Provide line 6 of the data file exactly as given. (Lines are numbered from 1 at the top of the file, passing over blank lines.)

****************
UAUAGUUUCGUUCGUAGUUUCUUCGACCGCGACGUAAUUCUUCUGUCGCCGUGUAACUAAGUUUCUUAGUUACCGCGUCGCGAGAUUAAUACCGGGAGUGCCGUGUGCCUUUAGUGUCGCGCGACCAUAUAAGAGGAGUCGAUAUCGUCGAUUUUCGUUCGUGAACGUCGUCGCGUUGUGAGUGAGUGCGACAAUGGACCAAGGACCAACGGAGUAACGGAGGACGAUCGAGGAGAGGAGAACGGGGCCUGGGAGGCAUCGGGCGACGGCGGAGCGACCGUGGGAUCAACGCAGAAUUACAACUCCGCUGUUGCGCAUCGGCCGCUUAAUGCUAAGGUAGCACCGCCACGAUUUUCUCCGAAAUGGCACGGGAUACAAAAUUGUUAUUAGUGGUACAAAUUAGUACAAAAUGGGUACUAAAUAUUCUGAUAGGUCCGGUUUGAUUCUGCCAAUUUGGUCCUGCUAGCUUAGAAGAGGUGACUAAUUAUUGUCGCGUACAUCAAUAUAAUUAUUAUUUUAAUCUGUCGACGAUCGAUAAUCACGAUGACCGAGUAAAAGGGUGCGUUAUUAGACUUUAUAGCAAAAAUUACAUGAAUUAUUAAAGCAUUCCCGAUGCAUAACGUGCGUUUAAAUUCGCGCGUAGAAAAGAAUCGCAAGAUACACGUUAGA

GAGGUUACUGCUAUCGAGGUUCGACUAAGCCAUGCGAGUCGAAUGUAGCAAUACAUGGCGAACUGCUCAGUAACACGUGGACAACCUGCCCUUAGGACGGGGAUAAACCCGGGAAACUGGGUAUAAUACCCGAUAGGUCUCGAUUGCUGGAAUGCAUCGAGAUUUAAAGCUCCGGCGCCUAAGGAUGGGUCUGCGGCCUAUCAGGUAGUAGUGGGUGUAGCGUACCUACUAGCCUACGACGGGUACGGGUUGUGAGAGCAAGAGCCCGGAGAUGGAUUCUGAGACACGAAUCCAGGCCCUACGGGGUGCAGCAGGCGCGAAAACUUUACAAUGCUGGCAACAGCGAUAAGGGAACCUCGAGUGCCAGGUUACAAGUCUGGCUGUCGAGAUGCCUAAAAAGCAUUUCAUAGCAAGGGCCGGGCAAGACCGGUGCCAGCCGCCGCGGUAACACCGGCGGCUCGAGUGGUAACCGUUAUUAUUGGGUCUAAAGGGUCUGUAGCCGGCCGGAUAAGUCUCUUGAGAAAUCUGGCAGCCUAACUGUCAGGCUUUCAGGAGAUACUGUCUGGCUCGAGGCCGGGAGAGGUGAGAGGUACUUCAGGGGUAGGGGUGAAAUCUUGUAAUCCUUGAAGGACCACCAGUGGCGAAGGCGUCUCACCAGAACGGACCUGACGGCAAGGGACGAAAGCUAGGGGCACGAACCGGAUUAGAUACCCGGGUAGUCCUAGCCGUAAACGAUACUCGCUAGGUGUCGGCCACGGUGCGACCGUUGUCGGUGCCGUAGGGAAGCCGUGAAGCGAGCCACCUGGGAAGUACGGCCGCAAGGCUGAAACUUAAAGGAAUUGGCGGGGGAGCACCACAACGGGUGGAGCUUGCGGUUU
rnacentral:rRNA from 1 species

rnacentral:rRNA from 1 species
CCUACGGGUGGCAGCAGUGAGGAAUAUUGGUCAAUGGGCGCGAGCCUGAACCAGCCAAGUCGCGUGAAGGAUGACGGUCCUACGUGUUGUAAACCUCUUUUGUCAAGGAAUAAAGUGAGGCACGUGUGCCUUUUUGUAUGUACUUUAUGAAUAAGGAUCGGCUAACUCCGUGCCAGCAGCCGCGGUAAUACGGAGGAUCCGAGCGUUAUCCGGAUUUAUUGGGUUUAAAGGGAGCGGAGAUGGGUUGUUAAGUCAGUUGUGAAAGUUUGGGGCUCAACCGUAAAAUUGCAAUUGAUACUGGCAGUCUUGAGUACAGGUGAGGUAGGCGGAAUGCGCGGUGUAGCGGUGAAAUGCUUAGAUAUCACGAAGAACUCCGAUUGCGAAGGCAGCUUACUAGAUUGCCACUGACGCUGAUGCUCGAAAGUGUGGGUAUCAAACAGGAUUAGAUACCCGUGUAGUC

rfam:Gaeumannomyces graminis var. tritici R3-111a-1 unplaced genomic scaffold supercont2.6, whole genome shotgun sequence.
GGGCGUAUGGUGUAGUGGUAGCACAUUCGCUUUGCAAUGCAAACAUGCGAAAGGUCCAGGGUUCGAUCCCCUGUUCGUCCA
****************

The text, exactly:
rfam:Gaeumannomyces graminis var. tritici R3-111a-1 unplaced genomic scaffold supercont2.6, whole genome shotgun sequence.